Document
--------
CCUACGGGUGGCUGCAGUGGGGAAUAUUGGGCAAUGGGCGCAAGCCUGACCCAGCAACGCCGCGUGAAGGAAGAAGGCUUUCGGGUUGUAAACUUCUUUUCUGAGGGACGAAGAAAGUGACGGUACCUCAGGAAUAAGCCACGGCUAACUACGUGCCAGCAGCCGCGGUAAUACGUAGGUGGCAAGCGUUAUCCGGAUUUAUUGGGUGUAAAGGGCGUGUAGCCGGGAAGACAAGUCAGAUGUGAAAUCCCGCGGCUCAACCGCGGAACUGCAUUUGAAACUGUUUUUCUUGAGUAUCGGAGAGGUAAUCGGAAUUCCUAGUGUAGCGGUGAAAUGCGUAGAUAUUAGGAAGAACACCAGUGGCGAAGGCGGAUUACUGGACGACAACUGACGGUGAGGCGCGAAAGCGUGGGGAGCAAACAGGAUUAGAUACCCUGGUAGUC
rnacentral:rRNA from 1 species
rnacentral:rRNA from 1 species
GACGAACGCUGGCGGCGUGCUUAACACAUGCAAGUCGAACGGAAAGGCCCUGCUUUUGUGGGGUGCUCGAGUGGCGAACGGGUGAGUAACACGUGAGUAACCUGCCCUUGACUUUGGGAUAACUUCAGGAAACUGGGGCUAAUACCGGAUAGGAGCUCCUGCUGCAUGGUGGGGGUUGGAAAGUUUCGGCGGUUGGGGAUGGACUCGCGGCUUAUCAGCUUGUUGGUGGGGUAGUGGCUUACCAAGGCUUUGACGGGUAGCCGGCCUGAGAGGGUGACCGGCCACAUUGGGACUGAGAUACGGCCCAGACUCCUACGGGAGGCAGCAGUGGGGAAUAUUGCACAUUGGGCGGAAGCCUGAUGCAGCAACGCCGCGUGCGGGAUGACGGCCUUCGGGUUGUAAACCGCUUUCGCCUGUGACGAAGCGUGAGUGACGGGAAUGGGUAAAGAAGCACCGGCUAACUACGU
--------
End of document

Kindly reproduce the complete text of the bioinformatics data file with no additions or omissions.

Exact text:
CCUACGGGUGGCUGCAGUGGGGAAUAUUGGGCAAUGGGCGCAAGCCUGACCCAGCAACGCCGCGUGAAGGAAGAAGGCUUUCGGGUUGUAAACUUCUUUUCUGAGGGACGAAGAAAGUGACGGUACCUCAGGAAUAAGCCACGGCUAACUACGUGCCAGCAGCCGCGGUAAUACGUAGGUGGCAAGCGUUAUCCGGAUUUAUUGGGUGUAAAGGGCGUGUAGCCGGGAAGACAAGUCAGAUGUGAAAUCCCGCGGCUCAACCGCGGAACUGCAUUUGAAACUGUUUUUCUUGAGUAUCGGAGAGGUAAUCGGAAUUCCUAGUGUAGCGGUGAAAUGCGUAGAUAUUAGGAAGAACACCAGUGGCGAAGGCGGAUUACUGGACGACAACUGACGGUGAGGCGCGAAAGCGUGGGGAGCAAACAGGAUUAGAUACCCUGGUAGUC
rnacentral:rRNA from 1 species
rnacentral:rRNA from 1 species
GACGAACGCUGGCGGCGUGCUUAACACAUGCAAGUCGAACGGAAAGGCCCUGCUUUUGUGGGGUGCUCGAGUGGCGAACGGGUGAGUAACACGUGAGUAACCUGCCCUUGACUUUGGGAUAACUUCAGGAAACUGGGGCUAAUACCGGAUAGGAGCUCCUGCUGCAUGGUGGGGGUUGGAAAGUUUCGGCGGUUGGGGAUGGACUCGCGGCUUAUCAGCUUGUUGGUGGGGUAGUGGCUUACCAAGGCUUUGACGGGUAGCCGGCCUGAGAGGGUGACCGGCCACAUUGGGACUGAGAUACGGCCCAGACUCCUACGGGAGGCAGCAGUGGGGAAUAUUGCACAUUGGGCGGAAGCCUGAUGCAGCAACGCCGCGUGCGGGAUGACGGCCUUCGGGUUGUAAACCGCUUUCGCCUGUGACGAAGCGUGAGUGACGGGAAUGGGUAAAGAAGCACCGGCUAACUACGU